As you can see there’s a lot of engineering function going on in the cell. SE is a process that identifies all of it so that it can be understood. When you described my two conclusions, “One was that organisms would be brittle under changes to proteins, and the other was that there was an orchestra director controlling cellular processes. Both of those conclusions were incorrect.” I scratched my head and ask, “What is he thinking?” Are you saying that all the C4 functionality I mentioned above is not happening?

As I assess what I’m hearing from you guys on why EC is correct, I’m first realizing that you’re leaving out a lot of engineering detail. In lieu of that detail, I’m see high level “hand waving” descriptions of cell function such as the RFR and the narrative of hippos to whales. Then, I get push back on SE saying that “SE… is not in fact a useful framework for biology.” What’s puzzling is that SE is a tool that can dig down deep in the detail to determine if EC makes sense. I’m still looking for some good argument for EC, but so far, I’m not seeing it. I found a nice website on evolution at I’ll read thru that and see if will help me understand it better.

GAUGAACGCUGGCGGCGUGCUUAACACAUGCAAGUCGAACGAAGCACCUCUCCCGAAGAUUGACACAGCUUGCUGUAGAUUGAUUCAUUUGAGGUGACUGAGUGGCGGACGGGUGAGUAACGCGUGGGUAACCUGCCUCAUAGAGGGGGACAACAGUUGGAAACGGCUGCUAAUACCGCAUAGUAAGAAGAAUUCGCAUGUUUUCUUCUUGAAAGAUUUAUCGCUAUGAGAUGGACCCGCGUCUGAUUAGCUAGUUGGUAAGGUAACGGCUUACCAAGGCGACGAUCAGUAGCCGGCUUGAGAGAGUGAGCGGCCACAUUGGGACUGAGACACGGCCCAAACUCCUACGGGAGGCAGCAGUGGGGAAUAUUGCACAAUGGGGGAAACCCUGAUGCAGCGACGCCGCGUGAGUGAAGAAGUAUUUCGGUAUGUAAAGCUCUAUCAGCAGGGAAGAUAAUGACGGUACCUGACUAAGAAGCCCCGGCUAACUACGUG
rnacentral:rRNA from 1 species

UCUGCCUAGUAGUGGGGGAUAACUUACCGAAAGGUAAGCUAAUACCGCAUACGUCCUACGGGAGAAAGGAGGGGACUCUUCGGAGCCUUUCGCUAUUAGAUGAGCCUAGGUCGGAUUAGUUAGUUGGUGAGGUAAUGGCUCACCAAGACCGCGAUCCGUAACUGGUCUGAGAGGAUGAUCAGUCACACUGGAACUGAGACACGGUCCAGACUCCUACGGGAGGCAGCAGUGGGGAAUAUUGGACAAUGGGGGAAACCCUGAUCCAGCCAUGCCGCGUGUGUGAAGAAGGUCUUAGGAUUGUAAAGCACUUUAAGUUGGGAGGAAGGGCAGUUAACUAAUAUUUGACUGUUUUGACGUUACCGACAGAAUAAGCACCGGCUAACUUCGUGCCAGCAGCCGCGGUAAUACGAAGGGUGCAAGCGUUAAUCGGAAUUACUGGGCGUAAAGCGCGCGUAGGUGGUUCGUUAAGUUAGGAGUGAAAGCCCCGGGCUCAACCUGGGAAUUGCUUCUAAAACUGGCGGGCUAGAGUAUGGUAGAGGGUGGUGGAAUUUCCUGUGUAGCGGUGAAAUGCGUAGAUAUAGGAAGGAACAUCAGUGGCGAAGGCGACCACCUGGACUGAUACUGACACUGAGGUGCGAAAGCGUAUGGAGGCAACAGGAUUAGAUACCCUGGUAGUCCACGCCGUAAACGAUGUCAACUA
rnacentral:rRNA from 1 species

(Christy Hemphill) #176

I’m not totally following. SE is a product of design correct? So if it does not work to describe cellular function, does that mean you conclude that the cell is obviously not engineered? It seems you are trying to make the opposite point, that if cellular processes can’t be made to “make sense” using engineering logic, then obviously it’s engineered. I don’t see how that follows.